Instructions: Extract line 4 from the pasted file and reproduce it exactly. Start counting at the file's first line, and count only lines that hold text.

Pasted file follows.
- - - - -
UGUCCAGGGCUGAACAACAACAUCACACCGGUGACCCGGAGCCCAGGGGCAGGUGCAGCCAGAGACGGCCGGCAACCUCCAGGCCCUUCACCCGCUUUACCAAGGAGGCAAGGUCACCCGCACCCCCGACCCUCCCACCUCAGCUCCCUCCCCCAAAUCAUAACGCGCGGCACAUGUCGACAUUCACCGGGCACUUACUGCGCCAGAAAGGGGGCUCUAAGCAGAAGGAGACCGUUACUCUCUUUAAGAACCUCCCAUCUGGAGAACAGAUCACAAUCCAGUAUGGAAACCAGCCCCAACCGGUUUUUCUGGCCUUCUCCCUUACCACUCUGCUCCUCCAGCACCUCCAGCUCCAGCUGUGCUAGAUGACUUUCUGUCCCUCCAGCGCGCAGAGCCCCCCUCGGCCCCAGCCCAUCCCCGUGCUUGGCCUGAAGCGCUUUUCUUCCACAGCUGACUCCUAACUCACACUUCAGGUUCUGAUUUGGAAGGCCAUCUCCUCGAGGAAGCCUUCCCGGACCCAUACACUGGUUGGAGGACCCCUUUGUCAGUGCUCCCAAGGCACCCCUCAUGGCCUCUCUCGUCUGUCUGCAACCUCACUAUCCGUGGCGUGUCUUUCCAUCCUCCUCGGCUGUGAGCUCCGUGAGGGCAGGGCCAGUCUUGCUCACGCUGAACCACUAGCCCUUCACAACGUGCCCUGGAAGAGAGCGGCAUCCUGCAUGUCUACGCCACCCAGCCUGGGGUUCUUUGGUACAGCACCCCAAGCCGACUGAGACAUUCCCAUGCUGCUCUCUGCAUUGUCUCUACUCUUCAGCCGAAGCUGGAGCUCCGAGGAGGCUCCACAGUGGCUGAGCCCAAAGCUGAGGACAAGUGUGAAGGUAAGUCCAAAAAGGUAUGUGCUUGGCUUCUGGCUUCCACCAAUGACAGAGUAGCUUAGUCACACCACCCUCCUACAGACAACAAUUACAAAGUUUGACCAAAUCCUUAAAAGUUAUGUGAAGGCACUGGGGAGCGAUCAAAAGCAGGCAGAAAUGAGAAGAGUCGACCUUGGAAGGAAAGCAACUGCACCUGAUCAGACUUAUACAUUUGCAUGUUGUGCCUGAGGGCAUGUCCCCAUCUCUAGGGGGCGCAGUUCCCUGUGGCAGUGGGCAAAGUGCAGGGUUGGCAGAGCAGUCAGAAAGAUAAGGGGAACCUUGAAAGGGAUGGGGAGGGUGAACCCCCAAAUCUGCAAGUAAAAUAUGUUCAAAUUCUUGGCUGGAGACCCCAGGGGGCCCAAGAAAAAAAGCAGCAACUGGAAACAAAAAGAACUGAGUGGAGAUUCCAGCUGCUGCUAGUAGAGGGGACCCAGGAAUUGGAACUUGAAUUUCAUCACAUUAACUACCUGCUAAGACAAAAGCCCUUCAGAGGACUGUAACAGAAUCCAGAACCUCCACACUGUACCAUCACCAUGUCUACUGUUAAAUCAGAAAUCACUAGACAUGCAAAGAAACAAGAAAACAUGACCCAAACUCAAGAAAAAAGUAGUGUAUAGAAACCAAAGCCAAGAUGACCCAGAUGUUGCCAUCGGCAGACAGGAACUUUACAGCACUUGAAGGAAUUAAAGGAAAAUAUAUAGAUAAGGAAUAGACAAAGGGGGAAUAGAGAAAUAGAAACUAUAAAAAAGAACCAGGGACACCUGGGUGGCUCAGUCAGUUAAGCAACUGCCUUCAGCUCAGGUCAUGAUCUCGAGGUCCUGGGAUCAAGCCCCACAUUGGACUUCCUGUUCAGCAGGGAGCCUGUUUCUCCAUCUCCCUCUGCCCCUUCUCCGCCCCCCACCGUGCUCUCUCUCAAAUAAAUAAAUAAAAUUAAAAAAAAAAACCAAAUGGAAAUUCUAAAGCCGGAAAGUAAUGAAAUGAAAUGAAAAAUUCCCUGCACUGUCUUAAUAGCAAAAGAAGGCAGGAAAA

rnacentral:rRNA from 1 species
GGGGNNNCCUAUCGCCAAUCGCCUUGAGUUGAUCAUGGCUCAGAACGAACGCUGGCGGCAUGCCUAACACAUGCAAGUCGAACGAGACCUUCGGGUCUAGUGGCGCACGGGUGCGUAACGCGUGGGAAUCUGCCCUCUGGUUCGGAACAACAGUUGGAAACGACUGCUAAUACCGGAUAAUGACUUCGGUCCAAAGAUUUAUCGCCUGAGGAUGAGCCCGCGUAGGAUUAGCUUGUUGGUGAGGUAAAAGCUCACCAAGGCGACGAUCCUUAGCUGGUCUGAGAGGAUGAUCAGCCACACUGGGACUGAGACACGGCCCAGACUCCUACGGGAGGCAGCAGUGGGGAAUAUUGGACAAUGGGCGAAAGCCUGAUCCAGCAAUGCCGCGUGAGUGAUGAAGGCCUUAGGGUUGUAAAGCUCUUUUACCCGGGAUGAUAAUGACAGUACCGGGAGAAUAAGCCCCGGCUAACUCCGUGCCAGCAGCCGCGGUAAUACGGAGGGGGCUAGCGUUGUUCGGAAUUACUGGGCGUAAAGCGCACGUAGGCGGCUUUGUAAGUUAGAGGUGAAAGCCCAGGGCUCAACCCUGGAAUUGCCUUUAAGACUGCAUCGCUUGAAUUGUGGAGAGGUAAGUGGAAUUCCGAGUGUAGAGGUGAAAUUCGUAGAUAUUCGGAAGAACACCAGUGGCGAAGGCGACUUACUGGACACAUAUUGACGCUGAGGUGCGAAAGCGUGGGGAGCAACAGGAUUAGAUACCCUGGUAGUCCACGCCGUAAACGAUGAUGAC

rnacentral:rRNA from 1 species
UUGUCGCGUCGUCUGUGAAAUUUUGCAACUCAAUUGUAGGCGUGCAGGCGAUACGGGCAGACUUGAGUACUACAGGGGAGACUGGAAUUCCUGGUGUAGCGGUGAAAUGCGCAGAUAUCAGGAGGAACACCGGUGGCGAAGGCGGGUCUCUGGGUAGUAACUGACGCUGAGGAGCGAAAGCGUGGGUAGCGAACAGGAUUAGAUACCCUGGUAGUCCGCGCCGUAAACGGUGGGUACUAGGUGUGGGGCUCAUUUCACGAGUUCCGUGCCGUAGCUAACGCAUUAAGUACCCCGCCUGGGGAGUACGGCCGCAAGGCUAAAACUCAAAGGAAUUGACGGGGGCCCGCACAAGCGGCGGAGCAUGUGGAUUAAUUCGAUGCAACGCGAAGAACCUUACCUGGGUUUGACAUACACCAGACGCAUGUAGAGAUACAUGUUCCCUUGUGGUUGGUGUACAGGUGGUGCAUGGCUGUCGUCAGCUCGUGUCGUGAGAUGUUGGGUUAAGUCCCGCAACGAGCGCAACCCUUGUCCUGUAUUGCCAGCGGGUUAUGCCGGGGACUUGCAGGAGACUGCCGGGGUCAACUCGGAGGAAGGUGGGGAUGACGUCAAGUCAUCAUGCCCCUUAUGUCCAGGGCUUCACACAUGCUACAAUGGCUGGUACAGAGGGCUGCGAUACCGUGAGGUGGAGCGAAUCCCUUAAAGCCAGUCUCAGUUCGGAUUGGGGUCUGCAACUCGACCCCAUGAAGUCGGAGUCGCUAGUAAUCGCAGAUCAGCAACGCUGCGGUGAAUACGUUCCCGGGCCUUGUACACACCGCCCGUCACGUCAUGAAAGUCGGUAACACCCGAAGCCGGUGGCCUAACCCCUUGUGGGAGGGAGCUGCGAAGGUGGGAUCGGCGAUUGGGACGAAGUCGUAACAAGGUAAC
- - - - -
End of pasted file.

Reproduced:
rnacentral:rRNA from 1 species